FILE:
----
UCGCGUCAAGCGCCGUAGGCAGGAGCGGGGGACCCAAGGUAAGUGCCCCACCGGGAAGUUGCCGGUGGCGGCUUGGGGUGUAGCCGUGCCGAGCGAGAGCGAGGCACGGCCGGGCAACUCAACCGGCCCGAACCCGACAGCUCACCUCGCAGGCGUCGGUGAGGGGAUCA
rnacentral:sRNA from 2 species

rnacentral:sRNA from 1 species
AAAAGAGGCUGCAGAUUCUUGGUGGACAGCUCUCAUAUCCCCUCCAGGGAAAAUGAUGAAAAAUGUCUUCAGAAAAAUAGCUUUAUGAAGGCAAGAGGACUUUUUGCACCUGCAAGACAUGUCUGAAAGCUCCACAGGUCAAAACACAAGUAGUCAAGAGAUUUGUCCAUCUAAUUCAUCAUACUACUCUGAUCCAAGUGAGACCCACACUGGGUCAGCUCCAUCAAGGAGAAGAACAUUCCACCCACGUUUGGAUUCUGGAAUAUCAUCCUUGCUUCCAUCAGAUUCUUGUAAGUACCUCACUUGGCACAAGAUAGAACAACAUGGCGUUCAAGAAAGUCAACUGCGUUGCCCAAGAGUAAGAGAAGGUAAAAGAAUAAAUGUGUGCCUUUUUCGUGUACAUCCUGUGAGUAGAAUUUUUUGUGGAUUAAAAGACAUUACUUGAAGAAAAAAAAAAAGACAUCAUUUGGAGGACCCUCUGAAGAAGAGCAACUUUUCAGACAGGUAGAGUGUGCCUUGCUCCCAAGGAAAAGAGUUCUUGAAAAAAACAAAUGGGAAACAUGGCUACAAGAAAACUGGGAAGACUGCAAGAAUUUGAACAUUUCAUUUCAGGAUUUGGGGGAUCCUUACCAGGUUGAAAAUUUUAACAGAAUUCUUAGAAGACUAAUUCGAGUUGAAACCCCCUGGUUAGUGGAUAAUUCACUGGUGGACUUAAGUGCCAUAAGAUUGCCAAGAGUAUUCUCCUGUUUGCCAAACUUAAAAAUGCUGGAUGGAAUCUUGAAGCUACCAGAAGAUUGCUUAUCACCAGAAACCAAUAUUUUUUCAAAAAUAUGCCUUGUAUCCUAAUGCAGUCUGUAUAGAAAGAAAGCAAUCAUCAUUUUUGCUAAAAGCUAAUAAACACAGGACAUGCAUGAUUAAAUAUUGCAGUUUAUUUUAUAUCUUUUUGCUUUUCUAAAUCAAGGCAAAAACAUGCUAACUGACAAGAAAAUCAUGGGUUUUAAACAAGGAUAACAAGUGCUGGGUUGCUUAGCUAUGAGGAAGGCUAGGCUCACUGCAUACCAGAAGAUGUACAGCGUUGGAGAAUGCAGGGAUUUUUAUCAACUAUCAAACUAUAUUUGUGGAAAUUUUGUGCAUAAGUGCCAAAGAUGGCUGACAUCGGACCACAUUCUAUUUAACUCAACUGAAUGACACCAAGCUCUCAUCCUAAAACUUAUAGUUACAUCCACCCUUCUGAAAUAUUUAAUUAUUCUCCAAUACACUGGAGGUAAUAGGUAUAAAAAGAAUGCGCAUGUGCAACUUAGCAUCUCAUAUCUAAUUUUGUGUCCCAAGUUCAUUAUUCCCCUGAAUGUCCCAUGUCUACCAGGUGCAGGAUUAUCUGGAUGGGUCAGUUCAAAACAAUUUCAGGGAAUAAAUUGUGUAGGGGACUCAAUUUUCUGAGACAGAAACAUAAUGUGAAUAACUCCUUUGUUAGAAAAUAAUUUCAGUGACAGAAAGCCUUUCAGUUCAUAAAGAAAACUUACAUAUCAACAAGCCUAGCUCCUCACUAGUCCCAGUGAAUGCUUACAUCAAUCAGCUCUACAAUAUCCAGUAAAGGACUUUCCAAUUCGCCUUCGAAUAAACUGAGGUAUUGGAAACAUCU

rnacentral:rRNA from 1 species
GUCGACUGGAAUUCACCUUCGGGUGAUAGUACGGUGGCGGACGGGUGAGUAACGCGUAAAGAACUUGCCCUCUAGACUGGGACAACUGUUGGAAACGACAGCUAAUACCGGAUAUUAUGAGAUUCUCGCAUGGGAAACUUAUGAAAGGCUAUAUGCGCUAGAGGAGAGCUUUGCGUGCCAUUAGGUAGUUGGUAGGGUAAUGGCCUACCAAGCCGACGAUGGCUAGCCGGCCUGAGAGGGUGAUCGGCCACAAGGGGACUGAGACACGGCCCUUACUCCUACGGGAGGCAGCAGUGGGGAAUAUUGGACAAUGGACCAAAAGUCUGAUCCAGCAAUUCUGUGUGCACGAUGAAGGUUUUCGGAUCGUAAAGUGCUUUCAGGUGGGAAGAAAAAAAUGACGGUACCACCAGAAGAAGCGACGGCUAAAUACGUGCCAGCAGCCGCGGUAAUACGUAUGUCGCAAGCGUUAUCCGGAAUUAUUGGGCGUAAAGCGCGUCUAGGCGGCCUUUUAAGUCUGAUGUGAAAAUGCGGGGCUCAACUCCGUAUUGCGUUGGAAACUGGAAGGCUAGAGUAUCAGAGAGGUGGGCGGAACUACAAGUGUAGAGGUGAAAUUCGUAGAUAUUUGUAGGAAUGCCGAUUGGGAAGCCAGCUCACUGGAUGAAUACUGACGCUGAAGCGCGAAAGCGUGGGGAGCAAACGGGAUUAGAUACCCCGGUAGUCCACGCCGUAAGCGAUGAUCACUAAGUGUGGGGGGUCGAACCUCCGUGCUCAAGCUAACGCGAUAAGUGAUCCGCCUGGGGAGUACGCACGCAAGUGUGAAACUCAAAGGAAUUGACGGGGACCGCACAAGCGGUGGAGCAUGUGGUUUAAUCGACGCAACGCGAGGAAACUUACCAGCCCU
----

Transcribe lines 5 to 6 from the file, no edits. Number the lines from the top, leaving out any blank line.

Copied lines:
rnacentral:rRNA from 1 species
GUCGACUGGAAUUCACCUUCGGGUGAUAGUACGGUGGCGGACGGGUGAGUAACGCGUAAAGAACUUGCCCUCUAGACUGGGACAACUGUUGGAAACGACAGCUAAUACCGGAUAUUAUGAGAUUCUCGCAUGGGAAACUUAUGAAAGGCUAUAUGCGCUAGAGGAGAGCUUUGCGUGCCAUUAGGUAGUUGGUAGGGUAAUGGCCUACCAAGCCGACGAUGGCUAGCCGGCCUGAGAGGGUGAUCGGCCACAAGGGGACUGAGACACGGCCCUUACUCCUACGGGAGGCAGCAGUGGGGAAUAUUGGACAAUGGACCAAAAGUCUGAUCCAGCAAUUCUGUGUGCACGAUGAAGGUUUUCGGAUCGUAAAGUGCUUUCAGGUGGGAAGAAAAAAAUGACGGUACCACCAGAAGAAGCGACGGCUAAAUACGUGCCAGCAGCCGCGGUAAUACGUAUGUCGCAAGCGUUAUCCGGAAUUAUUGGGCGUAAAGCGCGUCUAGGCGGCCUUUUAAGUCUGAUGUGAAAAUGCGGGGCUCAACUCCGUAUUGCGUUGGAAACUGGAAGGCUAGAGUAUCAGAGAGGUGGGCGGAACUACAAGUGUAGAGGUGAAAUUCGUAGAUAUUUGUAGGAAUGCCGAUUGGGAAGCCAGCUCACUGGAUGAAUACUGACGCUGAAGCGCGAAAGCGUGGGGAGCAAACGGGAUUAGAUACCCCGGUAGUCCACGCCGUAAGCGAUGAUCACUAAGUGUGGGGGGUCGAACCUCCGUGCUCAAGCUAACGCGAUAAGUGAUCCGCCUGGGGAGUACGCACGCAAGUGUGAAACUCAAAGGAAUUGACGGGGACCGCACAAGCGGUGGAGCAUGUGGUUUAAUCGACGCAACGCGAGGAAACUUACCAGCCCU